He is the first monarch after chaos. He succeeds to a long interregnum of anarchy which constitutes a mere blank in the history of the country. His throne will be raised upon ruins which are not of his making -upon the debris of a power which had crumbled into the dust half a century before his arrival. The founding of his empire is like building a city upon the site of another which had long perished, and with which the new one does not enter into rivalry, but simply replaces. England wishes him good-speed. And among the strange events of the future it may possibly happen that the House of Hapsburg may be the head of a great and flourishing empire in the New World after the original empire in Europe has been broken into pieces.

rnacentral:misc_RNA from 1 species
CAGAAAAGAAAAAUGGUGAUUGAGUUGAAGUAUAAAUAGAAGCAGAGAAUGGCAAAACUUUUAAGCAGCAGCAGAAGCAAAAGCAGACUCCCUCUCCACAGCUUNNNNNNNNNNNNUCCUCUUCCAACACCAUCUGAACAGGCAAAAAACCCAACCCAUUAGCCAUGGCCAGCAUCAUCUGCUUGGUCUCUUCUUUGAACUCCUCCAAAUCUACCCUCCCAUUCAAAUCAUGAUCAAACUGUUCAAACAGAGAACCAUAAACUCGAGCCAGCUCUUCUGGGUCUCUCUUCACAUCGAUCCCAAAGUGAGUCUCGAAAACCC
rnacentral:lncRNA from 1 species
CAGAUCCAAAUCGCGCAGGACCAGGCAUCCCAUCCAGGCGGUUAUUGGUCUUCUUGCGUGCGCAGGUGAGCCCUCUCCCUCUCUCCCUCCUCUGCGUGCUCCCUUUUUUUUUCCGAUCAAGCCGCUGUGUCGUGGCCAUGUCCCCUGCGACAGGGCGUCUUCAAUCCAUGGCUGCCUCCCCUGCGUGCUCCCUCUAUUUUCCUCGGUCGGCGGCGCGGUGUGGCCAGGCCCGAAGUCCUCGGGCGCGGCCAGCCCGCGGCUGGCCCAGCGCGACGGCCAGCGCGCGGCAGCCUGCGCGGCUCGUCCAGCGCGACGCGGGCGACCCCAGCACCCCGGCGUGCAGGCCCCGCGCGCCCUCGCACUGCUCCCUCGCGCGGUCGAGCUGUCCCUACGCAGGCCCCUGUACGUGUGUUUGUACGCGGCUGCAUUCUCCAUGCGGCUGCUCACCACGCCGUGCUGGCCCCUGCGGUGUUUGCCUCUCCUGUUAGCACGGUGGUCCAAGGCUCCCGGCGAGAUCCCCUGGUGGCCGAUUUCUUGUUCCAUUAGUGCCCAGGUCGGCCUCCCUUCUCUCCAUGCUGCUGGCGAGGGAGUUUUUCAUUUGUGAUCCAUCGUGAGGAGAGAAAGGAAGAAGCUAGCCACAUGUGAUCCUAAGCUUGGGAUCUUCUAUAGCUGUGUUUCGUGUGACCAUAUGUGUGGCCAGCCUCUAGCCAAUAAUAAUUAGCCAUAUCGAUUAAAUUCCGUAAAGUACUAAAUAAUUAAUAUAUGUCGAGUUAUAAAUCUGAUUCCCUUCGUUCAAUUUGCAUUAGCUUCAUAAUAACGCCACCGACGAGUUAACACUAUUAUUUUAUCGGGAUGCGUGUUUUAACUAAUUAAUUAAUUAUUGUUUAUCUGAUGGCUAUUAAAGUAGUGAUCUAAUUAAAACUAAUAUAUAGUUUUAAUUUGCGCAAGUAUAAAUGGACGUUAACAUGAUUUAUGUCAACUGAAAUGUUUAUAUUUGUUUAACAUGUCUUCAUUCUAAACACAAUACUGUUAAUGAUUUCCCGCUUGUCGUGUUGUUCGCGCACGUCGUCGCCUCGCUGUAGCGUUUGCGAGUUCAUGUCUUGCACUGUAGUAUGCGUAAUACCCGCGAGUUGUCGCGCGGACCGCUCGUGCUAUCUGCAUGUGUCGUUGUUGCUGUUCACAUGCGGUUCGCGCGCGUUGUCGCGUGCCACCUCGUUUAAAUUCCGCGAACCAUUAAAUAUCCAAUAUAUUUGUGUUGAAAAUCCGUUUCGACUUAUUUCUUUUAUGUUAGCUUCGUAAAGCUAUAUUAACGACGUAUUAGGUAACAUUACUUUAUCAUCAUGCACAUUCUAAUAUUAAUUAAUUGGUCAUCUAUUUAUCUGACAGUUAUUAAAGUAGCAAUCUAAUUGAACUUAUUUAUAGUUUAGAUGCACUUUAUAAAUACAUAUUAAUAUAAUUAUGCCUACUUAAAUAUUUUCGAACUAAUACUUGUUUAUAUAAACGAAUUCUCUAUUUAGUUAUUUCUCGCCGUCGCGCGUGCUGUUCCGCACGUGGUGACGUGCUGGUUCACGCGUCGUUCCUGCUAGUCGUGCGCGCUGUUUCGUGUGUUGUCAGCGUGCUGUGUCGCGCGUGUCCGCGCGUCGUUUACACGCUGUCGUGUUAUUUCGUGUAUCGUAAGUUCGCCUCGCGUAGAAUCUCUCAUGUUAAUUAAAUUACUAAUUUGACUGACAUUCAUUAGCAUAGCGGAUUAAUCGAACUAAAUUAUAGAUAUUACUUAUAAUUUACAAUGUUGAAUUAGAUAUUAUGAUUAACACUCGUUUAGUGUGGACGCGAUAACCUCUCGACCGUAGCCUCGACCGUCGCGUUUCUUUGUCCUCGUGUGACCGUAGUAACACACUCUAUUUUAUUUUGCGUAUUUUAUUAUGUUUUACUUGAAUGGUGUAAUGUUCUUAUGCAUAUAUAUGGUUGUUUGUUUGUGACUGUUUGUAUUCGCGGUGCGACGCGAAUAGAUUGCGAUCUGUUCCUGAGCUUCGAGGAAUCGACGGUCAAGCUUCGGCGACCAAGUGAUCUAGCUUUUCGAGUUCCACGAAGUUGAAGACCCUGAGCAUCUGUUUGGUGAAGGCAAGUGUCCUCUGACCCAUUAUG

The intervention in Mexico is a remarkable episode in the policy of Napoleon III., and as such will not fail to attract the regard of future historians. It is a task as novel as it is honourable for a monarch to attempt the regeneration of a country other than his own, to carry civilisation and prosperity into a region of the globe where they have fallen into decay, even though he undertook the task primarily with a view to his own interests. To raise a country thrice as large as France from a state of chronic desolation-to pierce it with railways, to reconstruct the old watercourses of irrigation, to reopen the rich mines, and to make the waste places blossom with flowers and fruits and useful plants, is certainly a noble design. And still nobler is it to rescue a population of eight millions from anarchy, demoralisation, and suffering, and to restore to them, in better fashion than they ever had before, the protection of the State and the benefactions of the Church. Lawlessness and rapine, wastefulness and oppression -no public virtue and no private enterprise-such has been the condition of Mexico for many years. Napoleon, it is true, does not undertake to remedy these evils himself, but he has made a beginning, he